The U.S. military is furthering its funding of unmanned
vehicles for combat. Just last week, DailyTech
reported on the U.S. Army's new SWORDS
unmanned robots which roam the Iraqi battlefield carrying M249 machines
guns -- and in turn put human soldiers out of harm's way. The military's latest
unmanned project leaves the desert behind in order to take to the skies.
The U.S. Navy on Friday awarded Northrop Grumman a six-year,
million USD contract to further develop the X-47B fixed-wing unmanned air
system (UAS). The funding for the Unmanned Combat Air System Carrier
Demonstration (UCAS-D) program will allow Northrop Grumman to conduct take-offs
and landings from the U.S. Navy's nuclear-powered aircraft carriers.
"We are proud of our legacy of innovation and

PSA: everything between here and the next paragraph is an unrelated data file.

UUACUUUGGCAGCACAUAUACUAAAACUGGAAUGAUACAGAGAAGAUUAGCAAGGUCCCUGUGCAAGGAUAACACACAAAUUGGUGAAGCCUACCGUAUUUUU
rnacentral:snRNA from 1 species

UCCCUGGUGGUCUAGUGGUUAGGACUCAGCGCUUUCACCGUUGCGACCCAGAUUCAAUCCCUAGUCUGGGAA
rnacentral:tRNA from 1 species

creativity in developing new combat capabilities and are pleased to be selected
to lead this revolutionary advancement in unmanned systems capabilities,"
said Northrop Grumman's Scott Seymour.
"The UCAS-D award is the culmination of several years
of effort with the Navy to show the benefit of melding the capabilities of a
survivable, persistent, long-range UCAS with those of the aircraft
carrier," continued Northrop Grumman's Gary Ervin. "The UCAS-D
program will reduce the risk of eventual integration of unmanned air systems
into carrier environments."
Northrop Grumman will build two X47-B aircraft for the U.S.
Navy -- the first of which will take flight during the closing months of 2009.
The company expects to begin the first carrier landings in 2011.
The X-47B, a sister-ship to the X-47A, has a
cruising altitude of 40,000+ feet and a combat radius of 1,500 nautical miles.
The stealthy vehicle can carry an internal payload of 4,500 pounds and can
travel at high subsonic speeds.
quote: Wars are and will always be a practical demonstration of the human incapability to communicate properly.